As shown in FIG. 15, pivot shaft 13, which pivots together with document cover 11, is provided at a base end portion of cover 11 inside housing 1. Micro switch 140, as a second detection part for detecting the open/closed state of cover 11, is provided adjacent to shaft 13. The location of switch 140 is determined as follows. Assuming that a maximum open angle of cover 11 is given by θmax, positions of switch 140 and shaft 13 are defined so that shaft 13 abuts against actuator 141 of switch 140 to turn it on at open angle θ1. Angle θ2 (=θmax -θ1) is an idle angle of cover 11. Cover 11 in an open state is held in a so-called free stop state by a holding member comprising a spring (not shown) within the range of idle angle θ2.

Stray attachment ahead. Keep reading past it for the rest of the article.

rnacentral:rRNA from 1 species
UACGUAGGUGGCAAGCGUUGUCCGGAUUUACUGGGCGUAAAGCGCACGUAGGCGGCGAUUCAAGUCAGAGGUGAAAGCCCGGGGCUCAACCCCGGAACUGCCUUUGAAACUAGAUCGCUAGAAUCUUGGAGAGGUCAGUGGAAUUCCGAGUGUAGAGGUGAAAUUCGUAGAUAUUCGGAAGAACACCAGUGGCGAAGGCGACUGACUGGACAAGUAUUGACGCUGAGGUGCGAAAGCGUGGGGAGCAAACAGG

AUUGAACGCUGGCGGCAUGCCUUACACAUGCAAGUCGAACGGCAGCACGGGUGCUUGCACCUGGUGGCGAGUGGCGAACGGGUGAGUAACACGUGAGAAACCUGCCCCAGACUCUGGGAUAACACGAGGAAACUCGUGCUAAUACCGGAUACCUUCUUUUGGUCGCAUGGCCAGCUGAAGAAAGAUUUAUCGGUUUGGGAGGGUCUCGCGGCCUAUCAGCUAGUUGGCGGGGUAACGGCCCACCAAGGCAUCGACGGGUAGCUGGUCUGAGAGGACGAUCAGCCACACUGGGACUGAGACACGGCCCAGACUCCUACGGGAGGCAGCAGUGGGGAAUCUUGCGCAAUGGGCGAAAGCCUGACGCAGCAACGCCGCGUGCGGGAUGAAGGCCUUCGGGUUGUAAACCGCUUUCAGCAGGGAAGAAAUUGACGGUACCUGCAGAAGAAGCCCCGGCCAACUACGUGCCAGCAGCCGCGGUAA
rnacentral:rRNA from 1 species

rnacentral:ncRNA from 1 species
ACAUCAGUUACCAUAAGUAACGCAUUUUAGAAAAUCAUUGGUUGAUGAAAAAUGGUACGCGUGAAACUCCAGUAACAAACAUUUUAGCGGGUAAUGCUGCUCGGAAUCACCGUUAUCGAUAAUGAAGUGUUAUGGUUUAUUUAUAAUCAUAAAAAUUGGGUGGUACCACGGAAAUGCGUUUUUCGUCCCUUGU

The operation of the apparatus with the above arrangement will be described. Normally, carriage 411 is set in a standby state at a position farthest from stationary scale 21, i.e., at one end in the longitudinal direction of table 2, as shown in FIG. 16. Section 131 as the first detection part is set in a standby state on carriage 411 at substantially the central portion in the lateral direction of table 2. In this state, cover 11 is opened, and document G is set with reference to the central portion of stationary scale 21. For example, check key 30h is then operated. Cover 11 is pivoted in a closing direction. When cover 11 is pivoted at angle θ1, switch 140 is turned on. The ON output from switch 140 is supplied to main processor group 71. Group 71 supplies an ON signal to light emitting element 131a of section 131, and a high speed drive instruction signal of carriage 411 to sub-processor group 72. Thus, element 131a is illuminated. Carriage 411 is moved at a speed equal to its return speed, i.e., higher than its scanning speed in a copying mode. Sections 131 and 132 are then moved from point D1 toward point D5, as shown in FIG. 16. Light emitted from section 131 passes through table 2 from point D1 to point D5 corresponding to one edge portion of document G placed on table 2. A moving speed of carriage 411 from point D1 to point D5 is set higher than a normal speed of cover 11 when it pivots within angle θ1. That is until sections 131 and 132 reach point D5, cover 11 is not closed. Therefore, while sections 131 and 132 are moved from point D1 to D2, most of light emitted from section 131 passes through table 2. In this case, light receiving element 132a of section 132 is in an OFF state. When sections 131 and 132 reach point D2, light emitted from section 131 is reflected by document G, and becomes incident on section 132. Thus, element 132a of section 132 is turned on. Carriage 411 is further moved toward scale 21 from point D2. Motor 135 is then driven in response to the ON output from element 132a. Sections 131 and 132 are moved in a direction away from the base end portion of cover 11, as shown in FIG. 16. When section 131 falls outside document G from its other end portion at point D3, element 132a is turned off again. In this state, sections 131 and 132 are moved towared the end portion of carriage 411. Upon movement of carriage 411, sections 131 and 132 reach the end portion of carriage 411 at point D4 and are moved to point D5 while maintaining the same positions on carriage 411. The drive pulse number of stepping motor 33 for driving carriage 411 is counted by, e.g., main processor group 71 from when element 132a is turned on until sections 131 and 132 reach point D5. The size of document G in the y direction can be detected based on the count. Document G is placed with reference to the central portion of document table 2, and section 131 is positioned at the central portion of table 2 from point D1 to point D2. Therefore, if the drive pulse number of stepping motor 135 for driving sections 131 and 132 is counted by, e.g., main processor group 71 during the ON period of element 132a, the size of document G in the x direction can thus be obtained by 2×E (where E is the count).